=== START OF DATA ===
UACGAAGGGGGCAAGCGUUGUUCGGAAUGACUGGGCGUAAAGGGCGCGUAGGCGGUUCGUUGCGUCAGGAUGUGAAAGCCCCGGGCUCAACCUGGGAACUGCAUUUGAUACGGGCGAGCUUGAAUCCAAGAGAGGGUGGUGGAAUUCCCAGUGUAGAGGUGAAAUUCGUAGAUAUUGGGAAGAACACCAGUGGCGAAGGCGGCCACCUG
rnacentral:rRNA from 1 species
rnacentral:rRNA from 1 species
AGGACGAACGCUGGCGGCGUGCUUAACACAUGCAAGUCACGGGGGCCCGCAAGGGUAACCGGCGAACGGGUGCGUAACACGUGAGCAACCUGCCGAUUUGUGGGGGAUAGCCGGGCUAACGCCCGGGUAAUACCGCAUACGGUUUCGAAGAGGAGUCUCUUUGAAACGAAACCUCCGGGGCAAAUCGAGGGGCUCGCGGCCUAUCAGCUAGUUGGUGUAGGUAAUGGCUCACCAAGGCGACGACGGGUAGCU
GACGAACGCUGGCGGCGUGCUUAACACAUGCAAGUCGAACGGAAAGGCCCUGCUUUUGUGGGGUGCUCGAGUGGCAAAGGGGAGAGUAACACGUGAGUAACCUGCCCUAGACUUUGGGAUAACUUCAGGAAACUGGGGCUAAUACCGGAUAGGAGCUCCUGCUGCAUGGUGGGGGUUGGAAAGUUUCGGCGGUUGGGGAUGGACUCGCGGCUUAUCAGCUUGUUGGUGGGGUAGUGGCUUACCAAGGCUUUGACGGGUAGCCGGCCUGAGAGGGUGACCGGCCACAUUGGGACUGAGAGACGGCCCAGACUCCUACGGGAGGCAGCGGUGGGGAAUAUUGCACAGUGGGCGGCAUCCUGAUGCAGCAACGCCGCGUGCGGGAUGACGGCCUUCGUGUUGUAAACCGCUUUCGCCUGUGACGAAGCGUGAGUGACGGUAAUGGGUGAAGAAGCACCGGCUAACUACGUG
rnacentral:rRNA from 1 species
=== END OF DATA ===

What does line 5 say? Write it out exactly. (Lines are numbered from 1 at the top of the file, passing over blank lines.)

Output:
GACGAACGCUGGCGGCGUGCUUAACACAUGCAAGUCGAACGGAAAGGCCCUGCUUUUGUGGGGUGCUCGAGUGGCAAAGGGGAGAGUAACACGUGAGUAACCUGCCCUAGACUUUGGGAUAACUUCAGGAAACUGGGGCUAAUACCGGAUAGGAGCUCCUGCUGCAUGGUGGGGGUUGGAAAGUUUCGGCGGUUGGGGAUGGACUCGCGGCUUAUCAGCUUGUUGGUGGGGUAGUGGCUUACCAAGGCUUUGACGGGUAGCCGGCCUGAGAGGGUGACCGGCCACAUUGGGACUGAGAGACGGCCCAGACUCCUACGGGAGGCAGCGGUGGGGAAUAUUGCACAGUGGGCGGCAUCCUGAUGCAGCAACGCCGCGUGCGGGAUGACGGCCUUCGUGUUGUAAACCGCUUUCGCCUGUGACGAAGCGUGAGUGACGGUAAUGGGUGAAGAAGCACCGGCUAACUACGUG